If You Polluted, You’re Included: The All-Affected Principle and Carbon Tax Referendums

Critical Review of International Social and Political Philosophy (forthcoming)
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Abstract

In this paper, we argue that the All Affected Principle generates a puzzle when applied to carbon tax referendums. According to recent versions of the All Affected Principle, people should have a say in a democratic decision in positive proportion to how much the decision affects them. Plausibly, one way of being affected by a carbon tax referendum is to bear the economic burden of paying the tax. On this metric of affectedness, then, people who pollute a lot are ceteris paribus more affected than people who don’t, because the former stands to pay more in carbon taxes than the latter. Consequently, people who pollute a lot receive large voting power, while people who pollute a little receive little voting power. This is a puzzling distribution of voting power for several reasons. First, it is instrumentally counterproductive if the goal is to rectify damages to the climate. Second, it introduces prudential incentives for everyone to pollute more to gain voting power. Third, the relative difference in voting power between people who pollute a lot and people who don’t is puzzling from a desert-based point of view, since the former often make a serious effort to avoid polluting, while the latter don’t.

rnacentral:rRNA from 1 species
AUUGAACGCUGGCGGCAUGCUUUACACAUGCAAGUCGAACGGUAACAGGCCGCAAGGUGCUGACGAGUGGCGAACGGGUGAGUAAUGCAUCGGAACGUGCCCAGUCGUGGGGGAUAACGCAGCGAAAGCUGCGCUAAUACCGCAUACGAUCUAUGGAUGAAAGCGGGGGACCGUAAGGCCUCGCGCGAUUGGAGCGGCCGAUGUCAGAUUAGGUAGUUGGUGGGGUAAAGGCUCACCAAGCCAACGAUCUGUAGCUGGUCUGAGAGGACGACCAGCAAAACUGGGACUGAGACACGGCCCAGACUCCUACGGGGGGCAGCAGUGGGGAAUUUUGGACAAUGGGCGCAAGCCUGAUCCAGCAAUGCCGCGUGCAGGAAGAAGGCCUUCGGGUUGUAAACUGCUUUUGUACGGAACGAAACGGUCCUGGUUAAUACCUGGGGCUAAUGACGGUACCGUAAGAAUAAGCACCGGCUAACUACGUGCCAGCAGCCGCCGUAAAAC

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Author Profiles

Jakob Mainz
Aalborg University (PhD)
David Matias Paaske
The Arctic University of Norway

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References found in this work

Enfranchising all affected interests, and its alternatives.Robert E. Goodin - 2007 - Philosophy and Public Affairs 35 (1):40–68.
Climate change and the duties of the advantaged.Simon Caney - 2010 - Critical Review of International Social and Political Philosophy 13 (1):203-228.
Democracy and proportionality.Harry Brighouse & Marc Fleurbaey - 2008 - Journal of Political Philosophy 18 (2):137-155.
Climate Change and Individual Duties to Reduce GHG Emissions.Christian Baatz - 2014 - Ethics, Policy and Environment 17 (1):1-19.

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